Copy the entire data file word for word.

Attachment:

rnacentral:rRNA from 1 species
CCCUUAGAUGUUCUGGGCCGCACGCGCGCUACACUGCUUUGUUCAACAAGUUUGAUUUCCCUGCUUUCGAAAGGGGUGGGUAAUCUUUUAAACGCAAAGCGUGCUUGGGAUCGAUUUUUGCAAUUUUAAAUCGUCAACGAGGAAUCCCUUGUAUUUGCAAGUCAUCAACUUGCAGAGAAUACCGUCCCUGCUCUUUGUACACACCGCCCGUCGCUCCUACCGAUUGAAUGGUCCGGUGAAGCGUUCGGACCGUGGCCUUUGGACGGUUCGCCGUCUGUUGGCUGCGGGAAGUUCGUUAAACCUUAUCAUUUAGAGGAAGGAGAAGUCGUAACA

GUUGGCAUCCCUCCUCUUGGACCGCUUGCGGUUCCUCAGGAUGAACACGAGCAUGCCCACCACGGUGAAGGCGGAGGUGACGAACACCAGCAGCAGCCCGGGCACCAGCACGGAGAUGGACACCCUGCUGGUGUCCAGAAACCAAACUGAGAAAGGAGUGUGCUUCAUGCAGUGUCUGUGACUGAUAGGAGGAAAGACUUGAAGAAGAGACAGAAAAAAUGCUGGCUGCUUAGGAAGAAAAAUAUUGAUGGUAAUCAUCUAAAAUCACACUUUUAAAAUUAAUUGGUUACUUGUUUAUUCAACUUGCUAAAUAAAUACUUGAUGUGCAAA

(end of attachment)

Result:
rnacentral:rRNA from 1 species
CCCUUAGAUGUUCUGGGCCGCACGCGCGCUACACUGCUUUGUUCAACAAGUUUGAUUUCCCUGCUUUCGAAAGGGGUGGGUAAUCUUUUAAACGCAAAGCGUGCUUGGGAUCGAUUUUUGCAAUUUUAAAUCGUCAACGAGGAAUCCCUUGUAUUUGCAAGUCAUCAACUUGCAGAGAAUACCGUCCCUGCUCUUUGUACACACCGCCCGUCGCUCCUACCGAUUGAAUGGUCCGGUGAAGCGUUCGGACCGUGGCCUUUGGACGGUUCGCCGUCUGUUGGCUGCGGGAAGUUCGUUAAACCUUAUCAUUUAGAGGAAGGAGAAGUCGUAACA

GUUGGCAUCCCUCCUCUUGGACCGCUUGCGGUUCCUCAGGAUGAACACGAGCAUGCCCACCACGGUGAAGGCGGAGGUGACGAACACCAGCAGCAGCCCGGGCACCAGCACGGAGAUGGACACCCUGCUGGUGUCCAGAAACCAAACUGAGAAAGGAGUGUGCUUCAUGCAGUGUCUGUGACUGAUAGGAGGAAAGACUUGAAGAAGAGACAGAAAAAAUGCUGGCUGCUUAGGAAGAAAAAUAUUGAUGGUAAUCAUCUAAAAUCACACUUUUAAAAUUAAUUGGUUACUUGUUUAUUCAACUUGCUAAAUAAAUACUUGAUGUGCAAA